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Living Conditions at Two Extremes

Heroes Remember

Living Conditions at Two Extremes

There was a particular barracks which, in which the men lived. The females, they had a separate barracks. It was known as “bra-bat”, you know. It was like a long building with cubicles, large rooms and the bed, very sparse surroundings, you know, and something for you to hang your clothes. The basics, you know, washer and you know, toilet facilities and so on and that was it, you know. And when you got there, you knew that was going to be your home for six months. So like everybody else, I had a calendar on the wall and struck off every day, you know, and that helped the time to pass. And each one of us had an Egyptian who took care of the rooms and did everything, of course you gave them a stipend and they were quite happy because our money was worth quite a lot to them, you know. The camp, the building where we lived was at the edge of a camp. So we were just a few feet away from barbed wire, but we could look across, just nearby was a river called the Sweet Water Canal and the Egyptians lived on the other side of the canal. So these were the poor, this was the poorer section of town, you see, but they were close enough that we could shout to them and hail out, you know and from time to time we would go over to the other side and carry gifts for them because they were very, very poor. But we've also seen the rich side of Ismailia where people like President Sadat lived, he had a villa there. And they lived in some very fanciful houses with palm trees and all that, you know. And In colonial times those was where the British lived, you know. So within a few minutes, we could see two extremes.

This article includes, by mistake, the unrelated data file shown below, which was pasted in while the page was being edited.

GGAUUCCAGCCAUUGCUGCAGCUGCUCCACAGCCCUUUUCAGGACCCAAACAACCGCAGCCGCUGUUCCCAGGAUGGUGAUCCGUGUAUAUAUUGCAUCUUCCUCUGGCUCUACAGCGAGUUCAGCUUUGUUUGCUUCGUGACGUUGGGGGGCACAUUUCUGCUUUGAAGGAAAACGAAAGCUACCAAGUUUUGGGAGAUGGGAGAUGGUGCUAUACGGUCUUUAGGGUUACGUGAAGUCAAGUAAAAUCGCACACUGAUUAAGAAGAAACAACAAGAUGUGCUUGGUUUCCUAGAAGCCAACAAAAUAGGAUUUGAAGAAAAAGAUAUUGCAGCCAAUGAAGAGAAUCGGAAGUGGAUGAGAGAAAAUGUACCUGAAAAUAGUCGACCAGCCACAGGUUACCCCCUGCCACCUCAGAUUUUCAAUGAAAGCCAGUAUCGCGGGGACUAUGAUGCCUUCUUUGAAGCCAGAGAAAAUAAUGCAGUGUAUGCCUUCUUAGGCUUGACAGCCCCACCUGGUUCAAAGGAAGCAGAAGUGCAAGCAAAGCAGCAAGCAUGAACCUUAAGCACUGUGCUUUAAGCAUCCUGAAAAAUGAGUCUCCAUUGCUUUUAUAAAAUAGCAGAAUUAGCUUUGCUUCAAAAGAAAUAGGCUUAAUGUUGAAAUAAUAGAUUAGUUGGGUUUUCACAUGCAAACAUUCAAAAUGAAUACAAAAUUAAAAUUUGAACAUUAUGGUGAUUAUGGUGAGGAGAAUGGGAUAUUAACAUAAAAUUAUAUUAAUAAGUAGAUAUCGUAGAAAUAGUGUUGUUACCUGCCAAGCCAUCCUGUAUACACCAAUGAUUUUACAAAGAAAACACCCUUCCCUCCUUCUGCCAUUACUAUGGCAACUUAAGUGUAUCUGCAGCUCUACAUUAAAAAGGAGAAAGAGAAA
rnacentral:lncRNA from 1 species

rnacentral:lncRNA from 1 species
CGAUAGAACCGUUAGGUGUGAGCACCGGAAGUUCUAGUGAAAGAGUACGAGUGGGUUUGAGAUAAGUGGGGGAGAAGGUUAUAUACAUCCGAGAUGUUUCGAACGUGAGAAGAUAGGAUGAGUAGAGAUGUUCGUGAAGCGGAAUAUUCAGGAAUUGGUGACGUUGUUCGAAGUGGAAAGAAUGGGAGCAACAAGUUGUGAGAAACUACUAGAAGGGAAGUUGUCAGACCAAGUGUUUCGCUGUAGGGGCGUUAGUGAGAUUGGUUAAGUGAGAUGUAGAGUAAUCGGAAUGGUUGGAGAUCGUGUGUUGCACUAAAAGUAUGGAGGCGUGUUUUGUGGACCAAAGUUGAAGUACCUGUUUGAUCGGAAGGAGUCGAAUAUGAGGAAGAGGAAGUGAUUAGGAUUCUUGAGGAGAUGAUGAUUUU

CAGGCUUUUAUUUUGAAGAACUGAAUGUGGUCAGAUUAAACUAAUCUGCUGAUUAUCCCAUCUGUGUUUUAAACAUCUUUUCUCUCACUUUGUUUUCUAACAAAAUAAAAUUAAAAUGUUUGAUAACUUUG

Dr. Blizzard describes his barracks in Somalia and how in the near distance witnessed civilians living in two extremes - poverty and wealth!

Dr. Stephen Blizzard

Dr. Stephen Blizzard was born in Port of Spain, Trinidad in 1928. His father was the principal of a primary school during his childhood. Dr. Blizzard left Trinidad in 1948. He received a scholarship to attend high school and graduated in 1953 from a school in Edinburgh, Scotland. In 1958 he came to Canada. In 1959, he attended university with the Reserve Training Plan in Ontario attending medical school and in 1963 graduated in medicine and chose to intern at the Ottawa Citizen Hospital and resident in surgery at the National Defence Medical Centre. He spent two years as Senior Medical Officer at Rockcliffe base then was posted to Moosejaw where he had medical training and training to fly jets. On December 13, 1968 he obtained his wings. Following this, Dr. Blizzard was posted to the RCAF Institute of Aviation Medicine. Afer returning to Trinidad for six years, Dr. Blizzard then came back to Canada in 1976. With 16 years of military service, Dr. Blizzard continued on his career path and was employed with the Department of Civil Aviation Medicine holding many positions, one being senior official on the aviation medical review board for 12 years. Dr. Blizzard contributes much of his military career training to his success in life.

Meta Data
Veterans Affairs Canada
Person Interviewed:
Dr. Stephen Blizzard
War, Conflict or Mission:
Canadian Armed Forces
Air Force
Aviation Medicine

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